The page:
Both pilots in a Russian jet shot down by Turkey died after being fired on by Syrian rebels, a commander has said.
‘Both of the pilots were retrieved dead. Our comrades opened fire into the air and they died in the air,’ Alpaslan Celik, a deputy commander in a Syrian Turkmen brigade said near the Syrian village of Yamadi as he held what he said was a piece of a pilot’s parachute.
Jahed Ahmad, of the 10th Brigade in the Coast, earlier said the plane’s two Russian crew members tried to land in their parachutes in Syrian government-held areas after they ejected, but came under fire from members of his group.
The group released a video showing gunmen standing around a blond pilot who had bruises on his face and appeared dead.
A voice on the video is heard saying ‘a Russian pilot’, while another says: ‘The 10th Division has captured a Russian pilot. God is greatest.’
Turkey said the plane had ignored repeated warnings, while Russia denied that the plane crossed the Syrian border into Turkish skies.
Vladimir Putin said that the action was a ‘stab in the back’ from Turkey.
The Russian defence ministry said: ‘We are looking into the circumstances of the crash of the Russian jet.
‘The Ministry of Defence would like to stress that the plane was over the Syrian territory throughout the flight.’
Russia said the Su-24 was downed by artillery fire, but Turkey claimed that its F-16s fired on the Russian plane after it ignored several warnings.
The ministry said the pilots parachuted but added that Moscow had no further contact with them.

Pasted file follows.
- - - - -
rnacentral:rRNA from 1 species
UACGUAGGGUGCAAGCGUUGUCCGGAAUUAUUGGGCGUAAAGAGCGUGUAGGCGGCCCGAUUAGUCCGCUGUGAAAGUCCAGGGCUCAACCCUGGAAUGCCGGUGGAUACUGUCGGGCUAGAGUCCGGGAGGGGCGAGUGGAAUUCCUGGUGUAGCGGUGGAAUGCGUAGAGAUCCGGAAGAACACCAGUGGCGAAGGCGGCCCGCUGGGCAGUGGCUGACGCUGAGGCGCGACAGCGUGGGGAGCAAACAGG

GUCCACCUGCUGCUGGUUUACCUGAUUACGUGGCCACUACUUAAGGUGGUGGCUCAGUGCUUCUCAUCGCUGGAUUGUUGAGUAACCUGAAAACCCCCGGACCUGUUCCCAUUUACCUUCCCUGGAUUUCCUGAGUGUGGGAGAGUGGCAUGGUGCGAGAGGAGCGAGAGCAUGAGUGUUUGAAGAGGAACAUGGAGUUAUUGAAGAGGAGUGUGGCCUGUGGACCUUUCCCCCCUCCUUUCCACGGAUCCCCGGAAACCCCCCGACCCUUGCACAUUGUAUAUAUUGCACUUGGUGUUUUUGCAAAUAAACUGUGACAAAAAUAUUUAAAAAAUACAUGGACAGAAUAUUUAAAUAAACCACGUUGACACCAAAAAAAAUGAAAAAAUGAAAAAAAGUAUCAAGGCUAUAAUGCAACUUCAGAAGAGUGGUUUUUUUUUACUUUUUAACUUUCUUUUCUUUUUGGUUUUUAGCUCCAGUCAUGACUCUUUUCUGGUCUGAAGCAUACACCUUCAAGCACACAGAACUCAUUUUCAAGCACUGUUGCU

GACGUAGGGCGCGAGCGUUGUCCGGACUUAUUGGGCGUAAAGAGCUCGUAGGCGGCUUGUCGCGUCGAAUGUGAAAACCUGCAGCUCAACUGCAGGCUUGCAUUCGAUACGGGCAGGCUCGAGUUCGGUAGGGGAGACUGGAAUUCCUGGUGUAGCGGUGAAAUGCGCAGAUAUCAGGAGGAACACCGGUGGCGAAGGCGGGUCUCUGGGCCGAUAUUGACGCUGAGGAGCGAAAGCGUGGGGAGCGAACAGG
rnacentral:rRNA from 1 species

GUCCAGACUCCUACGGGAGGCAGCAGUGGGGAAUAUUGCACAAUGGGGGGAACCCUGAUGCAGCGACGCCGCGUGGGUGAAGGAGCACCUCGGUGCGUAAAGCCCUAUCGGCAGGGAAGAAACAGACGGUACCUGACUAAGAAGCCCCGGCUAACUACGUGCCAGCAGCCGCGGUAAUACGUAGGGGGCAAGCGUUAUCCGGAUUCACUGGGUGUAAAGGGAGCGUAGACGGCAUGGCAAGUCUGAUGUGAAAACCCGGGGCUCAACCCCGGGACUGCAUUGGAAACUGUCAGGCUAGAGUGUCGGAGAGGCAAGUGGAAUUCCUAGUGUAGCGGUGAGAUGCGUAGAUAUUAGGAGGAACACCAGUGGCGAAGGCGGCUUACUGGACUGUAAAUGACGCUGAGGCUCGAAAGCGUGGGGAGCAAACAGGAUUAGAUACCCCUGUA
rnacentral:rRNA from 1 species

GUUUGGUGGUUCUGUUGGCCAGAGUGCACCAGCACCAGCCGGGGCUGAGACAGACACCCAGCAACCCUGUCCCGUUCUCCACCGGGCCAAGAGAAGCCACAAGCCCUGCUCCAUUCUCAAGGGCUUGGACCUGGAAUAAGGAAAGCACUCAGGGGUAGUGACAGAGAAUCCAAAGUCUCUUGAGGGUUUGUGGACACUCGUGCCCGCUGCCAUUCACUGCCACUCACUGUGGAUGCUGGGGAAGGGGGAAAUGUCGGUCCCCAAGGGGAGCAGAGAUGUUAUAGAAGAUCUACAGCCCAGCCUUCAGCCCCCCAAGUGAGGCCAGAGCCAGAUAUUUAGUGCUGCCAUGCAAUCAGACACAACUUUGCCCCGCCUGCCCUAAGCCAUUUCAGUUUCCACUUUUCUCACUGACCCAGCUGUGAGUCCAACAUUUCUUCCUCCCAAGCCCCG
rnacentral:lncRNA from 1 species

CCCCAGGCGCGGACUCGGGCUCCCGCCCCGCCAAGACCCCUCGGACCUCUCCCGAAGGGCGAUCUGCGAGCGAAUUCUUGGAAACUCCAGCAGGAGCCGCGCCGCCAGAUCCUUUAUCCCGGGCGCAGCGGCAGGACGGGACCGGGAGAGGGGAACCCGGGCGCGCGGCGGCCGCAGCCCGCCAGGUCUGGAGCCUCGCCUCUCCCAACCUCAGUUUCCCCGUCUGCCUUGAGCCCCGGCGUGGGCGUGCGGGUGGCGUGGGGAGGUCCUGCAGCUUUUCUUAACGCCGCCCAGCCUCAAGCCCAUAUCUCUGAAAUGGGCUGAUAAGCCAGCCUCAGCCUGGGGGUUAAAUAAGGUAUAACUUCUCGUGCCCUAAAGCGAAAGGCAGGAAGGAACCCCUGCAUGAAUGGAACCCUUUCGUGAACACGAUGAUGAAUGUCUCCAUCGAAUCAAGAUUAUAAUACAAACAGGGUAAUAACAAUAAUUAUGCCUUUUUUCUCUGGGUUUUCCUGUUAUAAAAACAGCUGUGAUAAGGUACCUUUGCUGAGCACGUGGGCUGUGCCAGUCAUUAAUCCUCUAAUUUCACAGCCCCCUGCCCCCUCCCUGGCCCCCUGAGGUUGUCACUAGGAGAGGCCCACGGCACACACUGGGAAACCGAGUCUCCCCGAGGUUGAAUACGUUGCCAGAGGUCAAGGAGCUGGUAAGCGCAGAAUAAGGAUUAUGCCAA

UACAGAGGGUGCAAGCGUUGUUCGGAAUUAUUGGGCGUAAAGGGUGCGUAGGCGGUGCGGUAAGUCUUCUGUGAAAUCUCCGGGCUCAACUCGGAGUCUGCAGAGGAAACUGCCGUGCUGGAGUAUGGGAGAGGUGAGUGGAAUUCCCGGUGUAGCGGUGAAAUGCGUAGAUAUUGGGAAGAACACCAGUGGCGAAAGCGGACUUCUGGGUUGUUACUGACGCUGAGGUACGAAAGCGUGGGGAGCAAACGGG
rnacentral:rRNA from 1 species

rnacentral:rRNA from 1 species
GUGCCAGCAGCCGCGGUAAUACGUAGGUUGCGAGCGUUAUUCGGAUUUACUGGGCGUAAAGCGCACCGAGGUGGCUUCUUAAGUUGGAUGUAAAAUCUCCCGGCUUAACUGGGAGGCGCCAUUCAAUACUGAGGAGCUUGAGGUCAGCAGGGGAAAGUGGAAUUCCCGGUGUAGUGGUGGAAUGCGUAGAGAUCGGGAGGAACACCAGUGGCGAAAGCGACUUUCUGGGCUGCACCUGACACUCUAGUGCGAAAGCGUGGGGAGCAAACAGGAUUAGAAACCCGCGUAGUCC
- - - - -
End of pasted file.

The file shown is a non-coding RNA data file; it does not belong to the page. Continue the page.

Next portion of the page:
A Turkish military statement said the plane entered Turkish airspace over the town of Yayladagi, in Hatay province.
‘On November 24 2015 at around 9.20am, a plane whose nationality is not known violated the Turkish airspace despite several warnings (10 times within five minutes) in the area of Yayladagi, Hatary,’ the military said before the plane’s nationality was confirmed.
‘Two F-16 planes on aerial patrol duty in the area intervened against the plane in question in accordance with the rules of engagement at 9.24am.’
Turkey’s foreign ministry summoned the Russian ambassador on Friday demanding that Russia cease operations in Syria targeting Turkmen villages, saying the Russian actions did not ‘constitute a fight against terrorism’ but the bombing of civilians.
Ambassador Andrey Karlov was warned during the meeting that the Russian operations could lead to serious consequences, the ministry said.
Nato said its ruling council will hold an emergency meeting over the incident later on Tuesday, at Turkey’s request.
The North Atlantic Council (NAC), composed of ambassadors from the United States and Nato’s 27 other member countries, will convene at 3pm UK time.
An official said ‘the aim of this extraordinary NAC meeting is for Turkey to inform allies about the downing of a Russian airplane’.
The NAC accused Russia of ‘irresponsible behaviour’ on October 5 following two earlier Russian violations of Turkish airspace reported by Turkey, and sternly warned Moscow it was courting ‘extreme danger’ by sending its war planes into the skies of an alliance member country.